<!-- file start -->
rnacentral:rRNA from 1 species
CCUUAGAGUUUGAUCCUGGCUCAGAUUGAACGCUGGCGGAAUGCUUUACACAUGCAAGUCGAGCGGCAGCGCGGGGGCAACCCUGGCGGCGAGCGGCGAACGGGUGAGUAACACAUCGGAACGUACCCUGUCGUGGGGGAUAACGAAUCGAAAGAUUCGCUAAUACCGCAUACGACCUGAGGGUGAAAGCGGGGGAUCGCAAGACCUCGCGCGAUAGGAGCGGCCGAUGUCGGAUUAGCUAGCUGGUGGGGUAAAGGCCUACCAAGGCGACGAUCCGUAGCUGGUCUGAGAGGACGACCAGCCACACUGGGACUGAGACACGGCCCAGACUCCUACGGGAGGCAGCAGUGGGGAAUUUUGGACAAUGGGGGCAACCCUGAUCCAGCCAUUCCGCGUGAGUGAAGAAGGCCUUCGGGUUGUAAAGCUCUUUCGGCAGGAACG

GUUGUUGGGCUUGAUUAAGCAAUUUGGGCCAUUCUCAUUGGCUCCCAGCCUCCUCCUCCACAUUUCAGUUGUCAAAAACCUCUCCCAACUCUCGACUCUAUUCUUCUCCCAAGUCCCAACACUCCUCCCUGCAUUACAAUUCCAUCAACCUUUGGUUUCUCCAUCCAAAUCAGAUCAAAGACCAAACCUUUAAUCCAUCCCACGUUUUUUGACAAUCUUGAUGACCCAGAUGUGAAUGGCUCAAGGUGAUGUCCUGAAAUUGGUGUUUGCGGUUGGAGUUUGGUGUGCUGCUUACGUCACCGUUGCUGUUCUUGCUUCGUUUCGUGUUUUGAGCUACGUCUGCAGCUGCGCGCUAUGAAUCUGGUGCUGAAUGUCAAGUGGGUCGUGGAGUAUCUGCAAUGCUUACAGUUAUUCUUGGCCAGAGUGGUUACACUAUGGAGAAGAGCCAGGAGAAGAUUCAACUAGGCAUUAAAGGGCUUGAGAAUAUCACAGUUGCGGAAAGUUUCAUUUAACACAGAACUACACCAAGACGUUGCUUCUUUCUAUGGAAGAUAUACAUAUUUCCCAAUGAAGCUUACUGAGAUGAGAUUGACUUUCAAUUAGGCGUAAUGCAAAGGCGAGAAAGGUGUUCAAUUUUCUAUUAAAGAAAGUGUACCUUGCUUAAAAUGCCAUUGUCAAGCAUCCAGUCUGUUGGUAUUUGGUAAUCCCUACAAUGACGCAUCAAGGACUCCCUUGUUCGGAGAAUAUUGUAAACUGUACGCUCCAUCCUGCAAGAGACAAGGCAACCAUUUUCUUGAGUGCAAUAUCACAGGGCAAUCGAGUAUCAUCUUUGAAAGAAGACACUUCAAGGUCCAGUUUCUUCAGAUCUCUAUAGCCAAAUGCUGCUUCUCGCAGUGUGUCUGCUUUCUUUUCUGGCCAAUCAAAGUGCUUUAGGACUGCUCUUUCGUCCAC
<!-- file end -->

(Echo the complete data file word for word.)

rnacentral:rRNA from 1 species
CCUUAGAGUUUGAUCCUGGCUCAGAUUGAACGCUGGCGGAAUGCUUUACACAUGCAAGUCGAGCGGCAGCGCGGGGGCAACCCUGGCGGCGAGCGGCGAACGGGUGAGUAACACAUCGGAACGUACCCUGUCGUGGGGGAUAACGAAUCGAAAGAUUCGCUAAUACCGCAUACGACCUGAGGGUGAAAGCGGGGGAUCGCAAGACCUCGCGCGAUAGGAGCGGCCGAUGUCGGAUUAGCUAGCUGGUGGGGUAAAGGCCUACCAAGGCGACGAUCCGUAGCUGGUCUGAGAGGACGACCAGCCACACUGGGACUGAGACACGGCCCAGACUCCUACGGGAGGCAGCAGUGGGGAAUUUUGGACAAUGGGGGCAACCCUGAUCCAGCCAUUCCGCGUGAGUGAAGAAGGCCUUCGGGUUGUAAAGCUCUUUCGGCAGGAACG

GUUGUUGGGCUUGAUUAAGCAAUUUGGGCCAUUCUCAUUGGCUCCCAGCCUCCUCCUCCACAUUUCAGUUGUCAAAAACCUCUCCCAACUCUCGACUCUAUUCUUCUCCCAAGUCCCAACACUCCUCCCUGCAUUACAAUUCCAUCAACCUUUGGUUUCUCCAUCCAAAUCAGAUCAAAGACCAAACCUUUAAUCCAUCCCACGUUUUUUGACAAUCUUGAUGACCCAGAUGUGAAUGGCUCAAGGUGAUGUCCUGAAAUUGGUGUUUGCGGUUGGAGUUUGGUGUGCUGCUUACGUCACCGUUGCUGUUCUUGCUUCGUUUCGUGUUUUGAGCUACGUCUGCAGCUGCGCGCUAUGAAUCUGGUGCUGAAUGUCAAGUGGGUCGUGGAGUAUCUGCAAUGCUUACAGUUAUUCUUGGCCAGAGUGGUUACACUAUGGAGAAGAGCCAGGAGAAGAUUCAACUAGGCAUUAAAGGGCUUGAGAAUAUCACAGUUGCGGAAAGUUUCAUUUAACACAGAACUACACCAAGACGUUGCUUCUUUCUAUGGAAGAUAUACAUAUUUCCCAAUGAAGCUUACUGAGAUGAGAUUGACUUUCAAUUAGGCGUAAUGCAAAGGCGAGAAAGGUGUUCAAUUUUCUAUUAAAGAAAGUGUACCUUGCUUAAAAUGCCAUUGUCAAGCAUCCAGUCUGUUGGUAUUUGGUAAUCCCUACAAUGACGCAUCAAGGACUCCCUUGUUCGGAGAAUAUUGUAAACUGUACGCUCCAUCCUGCAAGAGACAAGGCAACCAUUUUCUUGAGUGCAAUAUCACAGGGCAAUCGAGUAUCAUCUUUGAAAGAAGACACUUCAAGGUCCAGUUUCUUCAGAUCUCUAUAGCCAAAUGCUGCUUCUCGCAGUGUGUCUGCUUUCUUUUCUGGCCAAUCAAAGUGCUUUAGGACUGCUCUUUCGUCCAC